That hasn’t always served him well. A prickly personality, doggedly pursuing and sticking by his stated principles, Lerner often has had trouble getting his message across to the Jewish community, something he openly acknowledges.
“We’ve had a great deal of trouble communicating this compassion-for-both-sides perspective in the Jewish world,” he said. “We find ourselves often blocked from being able to speak at synagogues or Jewish institutions or ignored or dissed by many of the organizations in the Jewish world.”
If he is not always accepted at mainstream Jewish tables because of his position on Palestine, his refusal to disavow Israel has put him outside the non-Jewish left on more than one occasion. A March 2011 article in New York’s Jewish Week noted that he was “once excluded from an anti-war rally in San Francisco because he was thought to be too pro-Israel.”
Somehow, however, his central message has gotten through to political and spiritual leaders around the world. He lists Archbishop Desmond Tutu and former President Jimmy Carter as among those who will vouch for him. In the early 1990s, then First lady Hillary Clinton started speaking of “the politics of meaning,” one of the catch phrases Lerner had circulated, leading some journalists to refer to him as Clinton’s “guru.”
Lerner has continued to work beyond the Jewish community. In 2005, together with Sister Joan Chittister, a Benedictine nun, and West, the controversial Princeton University professor of religion, he founded the Network of Spiritual Progressives, a coalition of like-minded clergy and activists of many faiths who came together to infuse progressive politics with spiritual urgency. The network is a way to give the ideas of Lerner and his compatriots a presence in Washington, D.C., and to influence legislation with Tikkun’s faith-based social justice message.
At its most grandiose, Tikkun has placed a number of full-page ads on different issues in major newspapers like the New York Times. The most recent ran in March 2015, shortly before Israeli Prime Minister Benjamin Netanyahu’s speech before Congress. “No, Mr. Netanyahu — you do not speak for American Jews,” read the large type at the top of the ad.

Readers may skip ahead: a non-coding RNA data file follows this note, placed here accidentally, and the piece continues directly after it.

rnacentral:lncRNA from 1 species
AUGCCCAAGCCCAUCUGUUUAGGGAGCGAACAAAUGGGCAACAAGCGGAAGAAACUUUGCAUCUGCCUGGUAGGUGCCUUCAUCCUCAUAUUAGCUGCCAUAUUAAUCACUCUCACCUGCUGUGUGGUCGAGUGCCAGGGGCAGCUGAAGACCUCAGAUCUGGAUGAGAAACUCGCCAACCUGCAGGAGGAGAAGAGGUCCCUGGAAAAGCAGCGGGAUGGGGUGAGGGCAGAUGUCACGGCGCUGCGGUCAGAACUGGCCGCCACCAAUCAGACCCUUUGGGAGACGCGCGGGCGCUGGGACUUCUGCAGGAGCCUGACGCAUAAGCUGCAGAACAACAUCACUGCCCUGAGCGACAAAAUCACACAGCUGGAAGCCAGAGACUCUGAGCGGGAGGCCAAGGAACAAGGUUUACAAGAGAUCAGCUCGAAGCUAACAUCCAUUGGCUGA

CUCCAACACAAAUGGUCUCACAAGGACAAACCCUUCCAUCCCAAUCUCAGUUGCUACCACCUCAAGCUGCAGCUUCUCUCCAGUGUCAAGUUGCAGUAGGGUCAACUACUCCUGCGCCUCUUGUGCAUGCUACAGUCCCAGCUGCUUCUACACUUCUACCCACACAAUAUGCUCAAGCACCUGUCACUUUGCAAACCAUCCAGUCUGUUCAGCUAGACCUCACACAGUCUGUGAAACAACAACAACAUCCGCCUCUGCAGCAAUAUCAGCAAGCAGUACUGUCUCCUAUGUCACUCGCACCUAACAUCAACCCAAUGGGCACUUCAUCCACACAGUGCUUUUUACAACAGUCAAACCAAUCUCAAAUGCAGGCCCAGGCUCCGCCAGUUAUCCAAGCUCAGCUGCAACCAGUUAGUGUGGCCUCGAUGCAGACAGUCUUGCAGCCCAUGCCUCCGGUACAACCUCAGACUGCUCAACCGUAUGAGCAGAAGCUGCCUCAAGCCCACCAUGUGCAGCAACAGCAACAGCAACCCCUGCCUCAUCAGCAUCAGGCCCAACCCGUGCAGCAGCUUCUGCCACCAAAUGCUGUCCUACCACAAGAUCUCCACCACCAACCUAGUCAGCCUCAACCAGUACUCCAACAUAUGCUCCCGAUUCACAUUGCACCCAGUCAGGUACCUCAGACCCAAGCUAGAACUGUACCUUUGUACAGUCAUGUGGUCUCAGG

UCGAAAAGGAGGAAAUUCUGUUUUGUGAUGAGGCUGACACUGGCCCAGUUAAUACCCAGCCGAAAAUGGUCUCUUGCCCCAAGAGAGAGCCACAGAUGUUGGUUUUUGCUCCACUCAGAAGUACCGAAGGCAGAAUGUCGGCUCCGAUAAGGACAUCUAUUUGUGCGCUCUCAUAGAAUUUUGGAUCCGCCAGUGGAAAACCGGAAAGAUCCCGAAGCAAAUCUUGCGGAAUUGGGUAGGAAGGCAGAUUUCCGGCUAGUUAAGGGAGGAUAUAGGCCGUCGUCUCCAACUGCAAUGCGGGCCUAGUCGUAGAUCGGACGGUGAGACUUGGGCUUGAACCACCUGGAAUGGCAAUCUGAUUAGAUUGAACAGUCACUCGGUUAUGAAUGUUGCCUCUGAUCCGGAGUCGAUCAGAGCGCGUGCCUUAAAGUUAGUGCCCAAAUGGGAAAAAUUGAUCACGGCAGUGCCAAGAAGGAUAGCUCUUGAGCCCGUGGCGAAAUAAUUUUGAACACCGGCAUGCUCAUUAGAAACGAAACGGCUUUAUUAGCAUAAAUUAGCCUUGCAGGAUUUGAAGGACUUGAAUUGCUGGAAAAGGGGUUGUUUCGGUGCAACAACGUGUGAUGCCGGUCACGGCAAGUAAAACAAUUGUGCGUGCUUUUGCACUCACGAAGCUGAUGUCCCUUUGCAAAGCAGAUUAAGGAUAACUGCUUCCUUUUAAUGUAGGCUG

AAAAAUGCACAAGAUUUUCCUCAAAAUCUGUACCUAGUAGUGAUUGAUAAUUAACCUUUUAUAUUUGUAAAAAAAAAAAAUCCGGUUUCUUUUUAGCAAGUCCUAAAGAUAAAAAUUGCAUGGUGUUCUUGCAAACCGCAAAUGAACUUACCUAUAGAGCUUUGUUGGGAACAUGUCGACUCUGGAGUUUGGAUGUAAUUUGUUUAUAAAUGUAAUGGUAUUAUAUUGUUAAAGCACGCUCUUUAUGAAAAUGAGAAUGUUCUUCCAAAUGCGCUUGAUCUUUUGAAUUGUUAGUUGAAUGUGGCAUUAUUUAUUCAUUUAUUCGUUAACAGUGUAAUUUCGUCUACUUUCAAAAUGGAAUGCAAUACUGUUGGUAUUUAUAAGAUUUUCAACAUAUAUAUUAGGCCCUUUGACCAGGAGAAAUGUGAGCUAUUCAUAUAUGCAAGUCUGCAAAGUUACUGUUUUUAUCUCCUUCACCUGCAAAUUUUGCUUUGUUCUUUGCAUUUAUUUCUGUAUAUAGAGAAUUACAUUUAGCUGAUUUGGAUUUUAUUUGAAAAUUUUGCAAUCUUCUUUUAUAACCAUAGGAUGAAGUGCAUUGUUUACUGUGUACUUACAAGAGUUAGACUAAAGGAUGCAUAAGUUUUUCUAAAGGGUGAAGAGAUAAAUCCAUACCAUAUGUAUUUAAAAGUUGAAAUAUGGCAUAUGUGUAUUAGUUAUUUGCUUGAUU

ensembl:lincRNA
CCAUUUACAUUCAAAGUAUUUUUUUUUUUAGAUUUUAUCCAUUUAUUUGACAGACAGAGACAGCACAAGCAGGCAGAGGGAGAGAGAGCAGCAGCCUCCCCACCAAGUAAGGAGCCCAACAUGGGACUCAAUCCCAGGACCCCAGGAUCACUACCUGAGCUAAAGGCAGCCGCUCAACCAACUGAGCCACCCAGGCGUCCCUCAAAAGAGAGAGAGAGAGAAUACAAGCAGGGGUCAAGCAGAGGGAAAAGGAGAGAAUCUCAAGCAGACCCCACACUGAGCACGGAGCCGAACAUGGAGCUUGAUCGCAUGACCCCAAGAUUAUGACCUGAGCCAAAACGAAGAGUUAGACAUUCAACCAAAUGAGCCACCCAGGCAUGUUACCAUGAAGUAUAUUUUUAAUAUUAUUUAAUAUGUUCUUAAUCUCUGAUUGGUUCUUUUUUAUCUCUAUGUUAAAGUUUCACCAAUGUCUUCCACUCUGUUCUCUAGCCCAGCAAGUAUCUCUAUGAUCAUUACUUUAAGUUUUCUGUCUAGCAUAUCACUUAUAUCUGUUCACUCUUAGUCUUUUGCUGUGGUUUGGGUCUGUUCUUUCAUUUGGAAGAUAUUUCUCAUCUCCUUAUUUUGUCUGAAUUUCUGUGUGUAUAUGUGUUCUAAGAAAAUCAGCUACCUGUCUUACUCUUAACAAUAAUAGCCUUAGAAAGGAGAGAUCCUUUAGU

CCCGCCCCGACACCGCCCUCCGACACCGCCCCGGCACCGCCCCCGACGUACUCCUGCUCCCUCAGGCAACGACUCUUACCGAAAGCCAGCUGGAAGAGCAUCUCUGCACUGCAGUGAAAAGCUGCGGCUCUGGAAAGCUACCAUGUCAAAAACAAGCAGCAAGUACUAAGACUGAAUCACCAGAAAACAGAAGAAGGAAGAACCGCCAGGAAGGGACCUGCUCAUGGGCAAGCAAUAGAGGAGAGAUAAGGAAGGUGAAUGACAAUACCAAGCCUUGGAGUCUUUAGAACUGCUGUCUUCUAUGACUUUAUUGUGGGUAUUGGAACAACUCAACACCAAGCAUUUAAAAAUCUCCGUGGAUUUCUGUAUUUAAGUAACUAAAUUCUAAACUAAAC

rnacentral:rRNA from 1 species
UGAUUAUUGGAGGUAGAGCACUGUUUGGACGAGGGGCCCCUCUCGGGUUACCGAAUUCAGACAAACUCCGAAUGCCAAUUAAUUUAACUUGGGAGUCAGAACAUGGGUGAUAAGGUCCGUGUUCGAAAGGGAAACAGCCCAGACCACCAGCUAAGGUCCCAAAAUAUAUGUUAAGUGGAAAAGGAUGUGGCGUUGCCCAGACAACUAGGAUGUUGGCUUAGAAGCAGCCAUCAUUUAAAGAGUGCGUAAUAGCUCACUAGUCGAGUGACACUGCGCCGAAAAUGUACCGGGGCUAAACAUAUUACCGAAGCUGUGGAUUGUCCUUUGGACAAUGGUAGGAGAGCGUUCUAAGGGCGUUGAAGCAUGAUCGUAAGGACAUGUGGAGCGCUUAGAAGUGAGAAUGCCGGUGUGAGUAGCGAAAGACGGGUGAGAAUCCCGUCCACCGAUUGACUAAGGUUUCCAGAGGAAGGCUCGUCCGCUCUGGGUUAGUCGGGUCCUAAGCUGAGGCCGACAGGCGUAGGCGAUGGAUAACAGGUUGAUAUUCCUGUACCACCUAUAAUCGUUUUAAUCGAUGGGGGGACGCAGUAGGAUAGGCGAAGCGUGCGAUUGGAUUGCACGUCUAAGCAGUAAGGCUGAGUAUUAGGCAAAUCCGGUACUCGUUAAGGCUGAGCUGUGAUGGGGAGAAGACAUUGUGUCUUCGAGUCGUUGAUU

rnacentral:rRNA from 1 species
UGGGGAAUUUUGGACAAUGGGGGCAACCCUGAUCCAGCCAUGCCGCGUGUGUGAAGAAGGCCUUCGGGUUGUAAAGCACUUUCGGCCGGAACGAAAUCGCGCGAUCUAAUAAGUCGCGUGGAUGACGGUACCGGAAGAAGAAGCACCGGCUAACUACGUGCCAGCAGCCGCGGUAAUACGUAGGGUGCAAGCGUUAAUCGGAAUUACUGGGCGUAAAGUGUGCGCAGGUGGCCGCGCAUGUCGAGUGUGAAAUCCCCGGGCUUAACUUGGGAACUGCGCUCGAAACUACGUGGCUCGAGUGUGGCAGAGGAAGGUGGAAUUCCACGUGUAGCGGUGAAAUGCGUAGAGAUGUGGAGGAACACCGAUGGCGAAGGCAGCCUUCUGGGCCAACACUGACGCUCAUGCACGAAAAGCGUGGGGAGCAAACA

“[Tikkun] has grown in the original intention, which was to bring together what people usually keep separate: spirituality and politics,” said Rabbi Arthur Waskow, founder of the Shalom Center in Philadelphia, who published a piece about nuclear disarmament in the very first issue of Tikkun. “I don’t see those as separate universes, nor has Tikkun.”
Tikkun is holding a strategy conference and 30th anniversary celebration, “What Now for Progressives After the Election?” this weekend, Nov. 12 and 13 in Berkeley at Northbrae Community Church.
To illustrate how Tikkun’s message has spread beyond the Berkeley-based magazine, Waskow points to the protest ongoing in North Dakota by indigenous peoples against the Dakota Access Pipeline, and to the statement signed by 300 rabbis in support of the Sioux and Lakota nations organized by Waskow’s Shalom Center.
“The gathering now of Jews, Christians, Muslim and other groups coming to support those indigenous communities have been nourished by Tikkun’s repeated enrichment of politics through spirituality,” Waskow said. “You wouldn’t have had that 30 years ago.”